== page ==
Who is Affected?
Symptoms may start slowly or occur as a sudden onset of pain. The condition affects both males and females and is most common between the ages of 50 and 70. Individuals with spinal stenosis may experience vague pain in the low back and legs when walking or standing. As the disease progresses, some patients may feel a sharp, jabbing pain that shoots down the leg with each step.
Nonsurgical treatment for stenosis can include the use of nonsteroidal anti-inflammatory medications and physical therapy. Rest, analgesics, muscle relaxants and application of ice may be helpful in the acute stages.
Common conservative treatment for pain relief is epidural steroid injections. This procedure involves the injection of steroids and an analgesic numbing agent into the epidural space of the spine to reduce the swelling and inflammation of the nerves. Injections often provide temporary relief that can last from a few days to several months.
Spinal stenosis can be difficult to treat definitively without surgery. Depending on the location of the stenosis, one of two surgical options is available.
Following surgery to treat spinal stenosis, most patients stay in the hospital for two or three days and are back to full activity in about six weeks.
Spondylolysis and spondylolisthesis are conditions that affect the articulating joint (pars interarticularis) of the spine’s facet joint. Treatment options include physical therapy to strengthen the muscles surrounding the area.read more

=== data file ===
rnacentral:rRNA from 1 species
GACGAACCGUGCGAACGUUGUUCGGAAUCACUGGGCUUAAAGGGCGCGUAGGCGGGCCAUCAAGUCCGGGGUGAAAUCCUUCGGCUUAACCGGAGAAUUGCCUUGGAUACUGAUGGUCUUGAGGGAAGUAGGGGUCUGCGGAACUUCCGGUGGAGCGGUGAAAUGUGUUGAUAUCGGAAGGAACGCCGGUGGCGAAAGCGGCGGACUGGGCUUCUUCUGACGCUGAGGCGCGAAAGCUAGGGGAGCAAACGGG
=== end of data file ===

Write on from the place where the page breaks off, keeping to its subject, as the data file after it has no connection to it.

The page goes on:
Spondylolysis and spondylolisthesis are conditions that affect the articulating joint (pars interarticularis) of the spine’s facet joint. Treatment options include physical therapy to strengthen the muscles surrounding the area. In severe cases, surgery is also an option.
What is it?
Spondylolysis refers to a defect in a specific part of the spine’s facet joint called the pars interarticularis. This defect can cause instability in the vertebra, much like a loose hinge on a door. Over time, with ongoing stresses, the ligaments and muscles that help hold the vertebral body in place may become overworked and strained.
As a result, the entire vertebral body can slide forward, which can cause nerves to be pinched, causing pain. This sliding of the vertebral body is called spondylolisthesis. Both spondylolysis and spondylolisthesis can be present at birth or occur through injury.
Mild cases of spondylolysis and spondylolisthesis usually cause minimal pain. Indeed, the conditions are often discovered incidentally when a person has an examination or X-rays of the back for an unrelated reason.